Prior to watching "Victim", I was not aware that homosexuality was outlawed in Britain. But after watching film, I felt that the efficacy of "Victim was remarkably captured through Dirk Bogarde's performance and Dearden's direction. And what makes it things so sad, even 51-years-later, despite homosexuality not being outlawed today, many gay men and women are still bullied and continue to take their own lives.
"Victim" is yet another bold and provocative film by Basil Dearden and producer Michael Relph, but it's this film that created a nationwide discussion. Slapped with an X-rating and even in the USA, where the MPAA did not want the word "homosexual" to be used, Dearden was aware of what homosexuals were facing under this law and how 90% of all blackmail cases were about homosexuality.
At the time, one who was gay had to make a choice...pay the blackmail the money or lose everything once your outed because homosexuality was a crime and there were harsh jail sentences for breaking the law. So, many chose to take their own lives or live their lives paying their blackmailers.
There are not too many films that have an effect on society but that is what made Basil Dearden so special. He never looked at himself as an activist but he and Relph wanted to make a difference, creating a dialogue and hopefully make things right in their country and possibly create dialogue for countries that screen his films.
"Victim" is unique, non-formulaic, bold and provocative. It's a true Basil Dearden film with a touch of noir, not blatantly preachy and a fascinating timepiece of British cinema.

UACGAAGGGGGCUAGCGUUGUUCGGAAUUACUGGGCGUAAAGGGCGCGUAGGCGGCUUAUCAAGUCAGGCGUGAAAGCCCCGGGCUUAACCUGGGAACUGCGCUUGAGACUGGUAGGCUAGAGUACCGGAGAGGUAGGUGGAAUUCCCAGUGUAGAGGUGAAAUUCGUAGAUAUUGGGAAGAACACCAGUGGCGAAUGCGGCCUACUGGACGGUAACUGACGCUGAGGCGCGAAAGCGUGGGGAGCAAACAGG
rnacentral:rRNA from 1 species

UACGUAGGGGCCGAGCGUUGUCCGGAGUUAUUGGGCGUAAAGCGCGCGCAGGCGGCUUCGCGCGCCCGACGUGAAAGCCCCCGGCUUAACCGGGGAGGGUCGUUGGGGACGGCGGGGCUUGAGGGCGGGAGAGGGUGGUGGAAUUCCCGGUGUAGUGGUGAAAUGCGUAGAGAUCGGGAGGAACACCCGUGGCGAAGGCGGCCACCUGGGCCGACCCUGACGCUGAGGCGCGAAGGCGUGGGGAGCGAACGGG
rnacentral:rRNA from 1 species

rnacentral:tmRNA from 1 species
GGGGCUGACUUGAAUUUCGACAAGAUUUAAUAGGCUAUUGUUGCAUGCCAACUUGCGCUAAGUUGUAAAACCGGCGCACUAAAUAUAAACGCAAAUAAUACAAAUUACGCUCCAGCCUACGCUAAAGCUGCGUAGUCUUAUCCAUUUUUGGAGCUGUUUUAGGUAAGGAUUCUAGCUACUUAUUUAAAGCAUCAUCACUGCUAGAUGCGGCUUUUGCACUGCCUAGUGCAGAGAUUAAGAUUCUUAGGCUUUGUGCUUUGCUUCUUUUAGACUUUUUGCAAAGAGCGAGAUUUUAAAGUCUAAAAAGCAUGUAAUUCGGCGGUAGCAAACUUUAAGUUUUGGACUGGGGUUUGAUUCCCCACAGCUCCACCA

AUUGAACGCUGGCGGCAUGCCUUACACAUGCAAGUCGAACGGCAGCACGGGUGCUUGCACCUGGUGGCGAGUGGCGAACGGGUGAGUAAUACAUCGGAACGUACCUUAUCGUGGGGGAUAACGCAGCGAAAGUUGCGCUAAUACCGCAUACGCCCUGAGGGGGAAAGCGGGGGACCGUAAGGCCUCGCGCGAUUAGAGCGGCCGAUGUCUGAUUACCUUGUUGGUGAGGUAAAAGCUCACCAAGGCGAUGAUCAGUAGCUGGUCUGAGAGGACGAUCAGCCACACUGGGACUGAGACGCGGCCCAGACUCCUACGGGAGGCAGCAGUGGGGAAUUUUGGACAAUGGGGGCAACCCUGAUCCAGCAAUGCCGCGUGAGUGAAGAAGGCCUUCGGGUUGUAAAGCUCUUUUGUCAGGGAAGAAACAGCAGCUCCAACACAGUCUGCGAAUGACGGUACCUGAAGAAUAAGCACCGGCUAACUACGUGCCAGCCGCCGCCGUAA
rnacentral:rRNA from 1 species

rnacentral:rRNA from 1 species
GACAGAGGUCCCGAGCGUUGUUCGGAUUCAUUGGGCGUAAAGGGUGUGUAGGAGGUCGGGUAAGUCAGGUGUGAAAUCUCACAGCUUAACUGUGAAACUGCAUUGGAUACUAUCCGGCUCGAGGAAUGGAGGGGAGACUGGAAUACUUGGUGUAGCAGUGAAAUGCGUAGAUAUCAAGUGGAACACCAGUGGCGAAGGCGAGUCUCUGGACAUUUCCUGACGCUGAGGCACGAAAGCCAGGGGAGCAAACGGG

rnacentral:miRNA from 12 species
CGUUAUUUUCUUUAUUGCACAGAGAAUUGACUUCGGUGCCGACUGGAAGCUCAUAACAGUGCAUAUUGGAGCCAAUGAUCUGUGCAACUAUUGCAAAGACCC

The final film in this DVD set is "All Night Long".
"All Night Long" is another take on an interracial relationship between a Black man and white woman.
In "Sapphire", we had a chance to see the reverse with a half white and half Black woman who looks more like the former and was killed possibly because of her race. "All Night Long" is different because it's a film that revolves around jazz music and among the listeners of jazz are a mixed group who don't mind interracial relationships. These people love the music, they love hanging out and partying together. A much different contrast to Dearden's 1959 film.
Based on Shakespeare's "Othello", because the film is a London-based production despite being written by Americans and because of that, they were able to create a film that seemed like an American film and not having to worry about the Hayes Code. This kind of film would never be made in Hollywood. For one, you have an interracial couple, you have people at the party experimenting with drugs, you have violence towards a woman and thus the film manages to maintain a feel of reality without having to be burdened with censorship.
Once again, this is a bold and provocative film at that time. Considering how strict Hollywood was with showing any interracial relationship, drug paraphernalia, even for the UK, as the 1958 Notting Hill Race Riot was ignited because of how white youths were upset between seeing a white woman and her Jamaican husband arguing. I don't know how British audiences felt about the film but "All Night Long" still remains one of the highlights of Basil Dearden's oeuvre.
Overall, "Basil Dearden's London Underground" is a fantastic DVD box set. These films still have relevance today and although we have made strides with the acceptance of integration vs. desegregation of people of different race and more and more support for homosexuals, there is still much work to do as hate still exists.
What Basil Deadren was able to bring to British cinema during the roughest times in not just in the UK but in the world, watching these films today, I was not only amazed and taken back, but I feel proud to have watched cinema that absolutely moved me.
"Basil Dearden's London Underground - Eclipse Series #25' from the Criterion Collection is highly recommended!